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Books Read 2006

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December brings to end another year of book reading. Below is a short review of the books I read over the past year. Some of these books were not published in 2006 so it isn’t a review of the best books of 2006 but what I took the time to read.

At Canaan’s Edge – Taylor Branch. The 3rd in Branch’s trilogy of the life and times of Martin Luther King Jr. I had read the first two: Parting the Waters and Pillar of Fire and was absolutely enthralled. So I re-read these two books before I started Canaan’s Edge. It was a three book, ten week, 2,500 page commitment that I was happy to make as these books go through the life and times of MLK and the Civil Rights movement. As someone who was alive during many of the events described in these books -- but too young to remember them -- it is amazing what people went through to get what we now consider basic civil rights. And to think it happened in my lifetime! Strongly suggest checking these out.

Chronicles of Narnia – C.S. Lewis. I read all seven books in the order Lewis intended. As everyone knows these books can be read as an allegory for Christianity, but they are much richer than that. Paradise, as described in the last book, rivals that of Tolkien’s description of the Grey Havens in LOTR.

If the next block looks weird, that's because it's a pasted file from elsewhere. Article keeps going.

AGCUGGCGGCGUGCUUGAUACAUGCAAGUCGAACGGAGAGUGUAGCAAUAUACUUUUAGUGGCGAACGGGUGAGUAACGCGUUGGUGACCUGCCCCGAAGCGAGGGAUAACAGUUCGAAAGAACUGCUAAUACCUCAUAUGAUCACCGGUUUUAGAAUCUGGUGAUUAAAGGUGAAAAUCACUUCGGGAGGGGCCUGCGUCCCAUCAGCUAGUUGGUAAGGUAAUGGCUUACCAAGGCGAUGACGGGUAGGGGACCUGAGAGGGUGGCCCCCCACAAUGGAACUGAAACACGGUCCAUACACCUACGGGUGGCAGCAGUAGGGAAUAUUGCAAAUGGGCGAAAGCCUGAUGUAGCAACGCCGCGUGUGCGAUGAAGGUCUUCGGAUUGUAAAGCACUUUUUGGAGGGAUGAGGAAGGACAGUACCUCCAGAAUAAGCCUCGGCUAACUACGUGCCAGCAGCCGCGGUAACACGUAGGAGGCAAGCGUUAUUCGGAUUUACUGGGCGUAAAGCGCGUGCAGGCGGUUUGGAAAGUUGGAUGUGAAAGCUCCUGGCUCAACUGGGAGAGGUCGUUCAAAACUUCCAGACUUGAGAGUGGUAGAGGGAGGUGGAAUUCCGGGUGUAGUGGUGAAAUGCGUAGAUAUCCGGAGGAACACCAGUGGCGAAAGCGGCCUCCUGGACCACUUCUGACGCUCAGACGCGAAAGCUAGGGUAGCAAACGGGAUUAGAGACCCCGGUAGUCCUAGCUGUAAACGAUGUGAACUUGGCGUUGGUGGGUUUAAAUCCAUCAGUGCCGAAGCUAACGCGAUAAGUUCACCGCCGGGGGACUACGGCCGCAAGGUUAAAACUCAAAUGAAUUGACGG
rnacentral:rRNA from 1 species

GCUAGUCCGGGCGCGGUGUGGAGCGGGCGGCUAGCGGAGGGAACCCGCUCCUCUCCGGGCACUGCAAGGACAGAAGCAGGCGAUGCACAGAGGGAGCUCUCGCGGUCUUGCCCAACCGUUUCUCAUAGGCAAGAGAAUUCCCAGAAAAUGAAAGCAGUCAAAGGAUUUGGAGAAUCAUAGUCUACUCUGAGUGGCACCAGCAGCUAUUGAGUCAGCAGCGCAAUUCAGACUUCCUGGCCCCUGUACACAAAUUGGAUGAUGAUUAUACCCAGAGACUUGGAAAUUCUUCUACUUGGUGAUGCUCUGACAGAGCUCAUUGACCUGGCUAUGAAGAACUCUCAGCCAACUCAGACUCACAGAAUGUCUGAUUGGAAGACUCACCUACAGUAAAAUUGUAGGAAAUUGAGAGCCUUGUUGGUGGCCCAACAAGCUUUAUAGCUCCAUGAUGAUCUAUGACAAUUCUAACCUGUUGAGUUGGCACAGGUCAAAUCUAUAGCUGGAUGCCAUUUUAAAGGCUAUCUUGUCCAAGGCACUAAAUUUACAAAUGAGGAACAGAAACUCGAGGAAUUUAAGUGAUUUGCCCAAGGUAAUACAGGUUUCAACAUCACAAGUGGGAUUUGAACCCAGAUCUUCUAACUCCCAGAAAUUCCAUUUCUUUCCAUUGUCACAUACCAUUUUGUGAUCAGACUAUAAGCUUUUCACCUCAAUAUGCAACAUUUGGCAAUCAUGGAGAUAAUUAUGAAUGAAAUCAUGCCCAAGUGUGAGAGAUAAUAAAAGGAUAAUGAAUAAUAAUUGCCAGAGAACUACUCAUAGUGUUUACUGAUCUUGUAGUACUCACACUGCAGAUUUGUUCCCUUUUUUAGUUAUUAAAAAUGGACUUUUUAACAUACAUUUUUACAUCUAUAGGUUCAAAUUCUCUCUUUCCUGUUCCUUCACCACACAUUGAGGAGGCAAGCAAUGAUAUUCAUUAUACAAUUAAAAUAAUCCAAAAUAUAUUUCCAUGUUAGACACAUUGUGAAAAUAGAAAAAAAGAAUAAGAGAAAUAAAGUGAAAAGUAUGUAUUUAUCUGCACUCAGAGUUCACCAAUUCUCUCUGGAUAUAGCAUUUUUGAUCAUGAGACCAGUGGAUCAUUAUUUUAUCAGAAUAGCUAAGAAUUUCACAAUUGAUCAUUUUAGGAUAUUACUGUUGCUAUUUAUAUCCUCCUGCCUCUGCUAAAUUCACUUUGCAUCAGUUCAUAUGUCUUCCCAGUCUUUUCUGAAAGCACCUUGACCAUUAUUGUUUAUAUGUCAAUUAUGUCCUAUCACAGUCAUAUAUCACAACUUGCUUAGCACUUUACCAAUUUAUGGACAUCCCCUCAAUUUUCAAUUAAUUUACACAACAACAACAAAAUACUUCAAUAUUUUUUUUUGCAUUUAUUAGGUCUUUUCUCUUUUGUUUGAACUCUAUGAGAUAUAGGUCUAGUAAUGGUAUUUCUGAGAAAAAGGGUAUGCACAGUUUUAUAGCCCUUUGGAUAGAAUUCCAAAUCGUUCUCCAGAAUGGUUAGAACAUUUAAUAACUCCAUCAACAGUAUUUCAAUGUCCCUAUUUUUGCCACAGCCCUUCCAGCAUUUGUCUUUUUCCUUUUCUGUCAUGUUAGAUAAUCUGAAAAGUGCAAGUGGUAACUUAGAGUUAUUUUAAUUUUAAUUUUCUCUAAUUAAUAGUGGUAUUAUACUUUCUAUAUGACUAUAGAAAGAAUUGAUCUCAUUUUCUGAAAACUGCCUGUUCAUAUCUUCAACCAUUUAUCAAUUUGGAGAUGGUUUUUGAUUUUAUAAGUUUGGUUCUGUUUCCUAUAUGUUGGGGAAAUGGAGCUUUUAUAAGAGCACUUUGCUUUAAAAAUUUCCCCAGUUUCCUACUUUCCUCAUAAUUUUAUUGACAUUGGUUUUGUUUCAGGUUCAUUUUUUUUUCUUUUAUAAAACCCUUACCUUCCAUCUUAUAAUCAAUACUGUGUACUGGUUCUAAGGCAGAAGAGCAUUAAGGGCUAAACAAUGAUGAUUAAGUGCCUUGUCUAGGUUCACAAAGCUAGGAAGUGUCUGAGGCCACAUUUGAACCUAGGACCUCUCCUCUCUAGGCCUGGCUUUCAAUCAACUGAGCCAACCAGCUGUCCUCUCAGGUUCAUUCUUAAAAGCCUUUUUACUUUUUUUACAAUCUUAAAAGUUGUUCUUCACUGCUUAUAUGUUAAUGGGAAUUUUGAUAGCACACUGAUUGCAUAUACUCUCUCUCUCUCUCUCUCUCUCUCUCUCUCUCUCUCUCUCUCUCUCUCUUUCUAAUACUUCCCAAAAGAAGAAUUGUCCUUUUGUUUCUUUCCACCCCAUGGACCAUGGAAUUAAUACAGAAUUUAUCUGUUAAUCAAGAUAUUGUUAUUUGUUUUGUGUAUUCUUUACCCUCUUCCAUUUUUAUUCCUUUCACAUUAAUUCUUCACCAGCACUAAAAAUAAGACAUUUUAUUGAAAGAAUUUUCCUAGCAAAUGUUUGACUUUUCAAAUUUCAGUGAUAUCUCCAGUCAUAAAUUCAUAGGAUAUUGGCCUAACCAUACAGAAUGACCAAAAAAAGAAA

Will You Miss Me When I'm Gone – Mark Zwonitzer. Biography of the Carter Family from their early roots in the Virginny mountain back-country to their reign as the "First Family of Country Music" at the Grand Ol’ Opry. Fascinating book even if you're not into country music.

Ghengis Khan and the Making of the Modern World – John Weatherford. No it's not Representative Phyllis Kahn's autobiography. This engaging book is about how Ghengis Khan and his offspring conquered Asia, the Middle East, and Central Europe. I spent a couple of weeks in Warsaw in 1987 and wondered why a small but noticable portion of the population had faint Asian features. Now I know.

Walk-On: The Spiritual Journey of U2 - Steve Stockman. Biography of U2 and how their (now) overlooked Christianity influences this great band.

Rip it Up and Start Again: Postpunk 1978-84 - Simon Reynolds. History of the (mostly) British punk bands that came after the punk explosion of the Sex Pistols and the Clash. Good for its history and to (re)introduce you to this cool, cool music. I ended up buying a lot of CD's after reading this book.

Neo-Bohemia: Art and Commerce in the Post-Industrial City - Richard Lloyd. A very scholarly book about how the down-in-the-dumps industrial neighborhood of Wicker Park in Chicago was turned into a very hip and cool place by artists and punks looking for a cheap place to live. As with most scholarly tomes, it drives home its thesis over and over again. Only for the urban studies major.